What a blizzard…. We were hit with quite the blizzard this weekend….

norrisville maryland

The three does had very healthy litters last week.  There were no dead kits, and each mom had a perfect nest, and were caring well for them.  However, Erynn found two orphaned kits from Dolly last night.  Sometimes this happens.  They were kicked out of the nest.  It’s strange to see, but these two were not thriving – they were smaller than the rest even though they all started out the same.  If you look at the gray/blue one, you can see a shrunken wrinkled belly.  This indicates that he/she was not being fed enough.  None of the other five in this litter look like this.

ophraned-rabbitsThe only thing we can think of is that Dolly is not producing enough milk for all seven.  The other litters are fat and healthy.  Erynn took the two orphans and flipped Dolly over and forced her to nurse.  They nursed frantically, but not enough to fill them.  They were not satisfied and continued to be restless.  Because Khaleesi’s litter is super fat and healthy, Erynn flipped Khaleesi over and had her nurse the orphans.  They were nice and full.  Erynn will continue to do this until they are ready for solid food.

Why don’t you just put them in with another litter?  We could.  However, they only have 8 nipples.  We could put one of the orphans in with Khaleesi and one with Blue Girl – but, they are so much smaller, we are afraid they won’t be able to vie for that last spot.  We can also insure that they are being fed several times a day if we do it our way, and help them catch up to all the others.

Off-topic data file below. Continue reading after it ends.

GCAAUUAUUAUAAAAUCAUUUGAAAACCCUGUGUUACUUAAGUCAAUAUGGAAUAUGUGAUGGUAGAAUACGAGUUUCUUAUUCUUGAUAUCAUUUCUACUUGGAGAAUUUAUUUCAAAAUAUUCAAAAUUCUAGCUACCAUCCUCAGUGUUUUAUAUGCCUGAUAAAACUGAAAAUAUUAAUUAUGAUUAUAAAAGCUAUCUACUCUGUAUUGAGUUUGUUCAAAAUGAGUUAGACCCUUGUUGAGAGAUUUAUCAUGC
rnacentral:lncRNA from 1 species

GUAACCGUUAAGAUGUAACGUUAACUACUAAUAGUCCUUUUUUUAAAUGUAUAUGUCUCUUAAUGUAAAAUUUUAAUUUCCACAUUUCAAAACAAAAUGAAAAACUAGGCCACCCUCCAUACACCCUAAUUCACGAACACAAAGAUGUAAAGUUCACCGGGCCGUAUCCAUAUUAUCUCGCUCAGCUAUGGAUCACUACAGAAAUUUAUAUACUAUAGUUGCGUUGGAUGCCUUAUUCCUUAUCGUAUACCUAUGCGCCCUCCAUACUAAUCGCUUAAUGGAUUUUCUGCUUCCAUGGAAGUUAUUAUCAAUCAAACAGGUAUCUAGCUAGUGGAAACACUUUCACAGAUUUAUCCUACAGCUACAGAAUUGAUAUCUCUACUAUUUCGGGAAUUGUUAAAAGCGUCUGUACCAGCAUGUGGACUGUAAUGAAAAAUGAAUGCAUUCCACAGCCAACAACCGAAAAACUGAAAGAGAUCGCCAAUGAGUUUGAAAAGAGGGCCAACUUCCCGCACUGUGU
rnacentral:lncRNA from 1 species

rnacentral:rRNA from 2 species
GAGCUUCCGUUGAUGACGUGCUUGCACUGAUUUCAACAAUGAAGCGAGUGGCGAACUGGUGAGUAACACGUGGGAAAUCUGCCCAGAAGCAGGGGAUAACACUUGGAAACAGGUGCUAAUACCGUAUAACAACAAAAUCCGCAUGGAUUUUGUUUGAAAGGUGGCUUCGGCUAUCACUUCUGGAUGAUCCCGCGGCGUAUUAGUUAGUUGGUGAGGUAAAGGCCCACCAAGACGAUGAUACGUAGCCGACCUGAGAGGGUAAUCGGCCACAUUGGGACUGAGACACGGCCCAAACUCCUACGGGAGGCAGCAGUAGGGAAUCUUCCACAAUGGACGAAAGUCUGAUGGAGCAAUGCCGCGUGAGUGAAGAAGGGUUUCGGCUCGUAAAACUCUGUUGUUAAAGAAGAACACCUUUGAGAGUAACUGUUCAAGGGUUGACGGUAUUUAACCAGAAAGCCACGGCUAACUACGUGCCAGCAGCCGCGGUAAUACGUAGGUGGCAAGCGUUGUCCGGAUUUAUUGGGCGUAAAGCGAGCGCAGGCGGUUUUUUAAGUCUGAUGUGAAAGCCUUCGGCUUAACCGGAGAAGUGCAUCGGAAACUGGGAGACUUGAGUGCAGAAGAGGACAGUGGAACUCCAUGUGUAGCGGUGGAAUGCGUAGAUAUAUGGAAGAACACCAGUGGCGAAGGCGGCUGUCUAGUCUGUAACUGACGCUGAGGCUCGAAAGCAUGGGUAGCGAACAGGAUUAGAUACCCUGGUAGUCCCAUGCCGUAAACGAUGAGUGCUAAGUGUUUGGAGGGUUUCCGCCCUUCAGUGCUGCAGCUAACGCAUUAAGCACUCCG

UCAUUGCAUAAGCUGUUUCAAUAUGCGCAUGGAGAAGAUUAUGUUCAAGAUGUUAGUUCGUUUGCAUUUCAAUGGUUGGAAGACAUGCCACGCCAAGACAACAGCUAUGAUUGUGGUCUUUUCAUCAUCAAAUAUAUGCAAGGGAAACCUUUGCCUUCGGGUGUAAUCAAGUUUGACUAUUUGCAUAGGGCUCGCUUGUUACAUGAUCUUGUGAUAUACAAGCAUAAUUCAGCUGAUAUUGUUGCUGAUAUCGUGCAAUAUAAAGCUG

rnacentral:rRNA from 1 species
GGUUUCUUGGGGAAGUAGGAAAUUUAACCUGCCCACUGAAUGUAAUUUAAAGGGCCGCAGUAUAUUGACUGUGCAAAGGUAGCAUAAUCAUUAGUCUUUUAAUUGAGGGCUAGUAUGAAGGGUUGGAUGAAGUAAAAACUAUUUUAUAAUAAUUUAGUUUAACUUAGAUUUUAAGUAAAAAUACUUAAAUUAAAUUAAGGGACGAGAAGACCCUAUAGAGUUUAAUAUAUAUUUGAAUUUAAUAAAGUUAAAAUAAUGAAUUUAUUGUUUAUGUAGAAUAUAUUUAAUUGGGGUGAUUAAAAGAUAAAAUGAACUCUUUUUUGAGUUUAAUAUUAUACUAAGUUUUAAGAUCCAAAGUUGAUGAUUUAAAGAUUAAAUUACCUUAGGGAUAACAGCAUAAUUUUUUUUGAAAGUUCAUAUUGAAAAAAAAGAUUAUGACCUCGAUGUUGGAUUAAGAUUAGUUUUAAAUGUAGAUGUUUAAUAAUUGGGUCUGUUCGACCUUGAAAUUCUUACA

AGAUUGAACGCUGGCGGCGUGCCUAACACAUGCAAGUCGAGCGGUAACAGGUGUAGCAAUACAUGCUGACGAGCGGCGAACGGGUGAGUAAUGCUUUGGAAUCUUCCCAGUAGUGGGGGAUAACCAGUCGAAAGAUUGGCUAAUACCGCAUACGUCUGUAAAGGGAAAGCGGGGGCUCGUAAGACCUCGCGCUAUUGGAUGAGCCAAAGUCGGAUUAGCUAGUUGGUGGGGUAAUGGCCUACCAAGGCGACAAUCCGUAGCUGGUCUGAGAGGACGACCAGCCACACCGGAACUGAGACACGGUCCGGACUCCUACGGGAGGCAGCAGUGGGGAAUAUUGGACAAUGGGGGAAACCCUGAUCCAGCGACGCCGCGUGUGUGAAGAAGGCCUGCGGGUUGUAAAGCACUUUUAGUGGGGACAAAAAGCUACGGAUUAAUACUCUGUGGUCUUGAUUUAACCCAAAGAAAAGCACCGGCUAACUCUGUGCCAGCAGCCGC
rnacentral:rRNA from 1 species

So put them in with another litter when they catch up?  By the time they do catch up, we are risking the others rejecting as they may be too old for an easy transition.  So what will we do?  Erynn will just be handling them separately and in our house.  Currently, she is carrying them around in a pouch to keep them cozy and warm.  They are doing really well.  Very active.

runt-rabbitBut look at the size difference between another one in the same litter.   They all began the same size.

Now  we know that we will never breed Dolly without another rabbit also bred.  When Dolly has more than five kits, we will probably move some to another litter since Blue Girl and Khaleesi do not seem to have a problem with larger litters.  Or, we will just be vigilant and intervene when necessary.

Why not bottlefeed?  Bottle feeding baby rabbits is not a good idea unless it is last resort.  I have personally tried to raise a few wild litters and was very careful about feeding, etc., and still lost all but one.  When there is mother’s milk available, it is better to utilize it.

We handle our babies a lot, but one perk of now hand-raising these orphans is that they will be handled even more than the others.


Check out the video of “force nursing” with Dolly.   Have you ever seen a rabbit nurse?  I haven’t!  Not until now anyway.

Not sure Dolly is thrilled to be forced to nurse

A video posted by Jodie Holstein Otte (@jodieotte) on

Khaleesi is being pretty patient and allowing these two to nurse on her.  I don’t think she’s happy about it, but at least she is letting it happen.

I have to give a little shout out to my daughter.  As soon as Erynn found the two orphans outside the nest, she immediately took Dolly and flipped her – she didn’t bother consulting me, but she didn’t need to – this girl has already researched scenarios such as these and knew exactly what to do.  I’m a very proud momma!  🙂

Erynn has Khaleesi being a part time wet nurse for Dolly’s two orphans.

A video posted by Jodie Holstein Otte (@jodieotte) on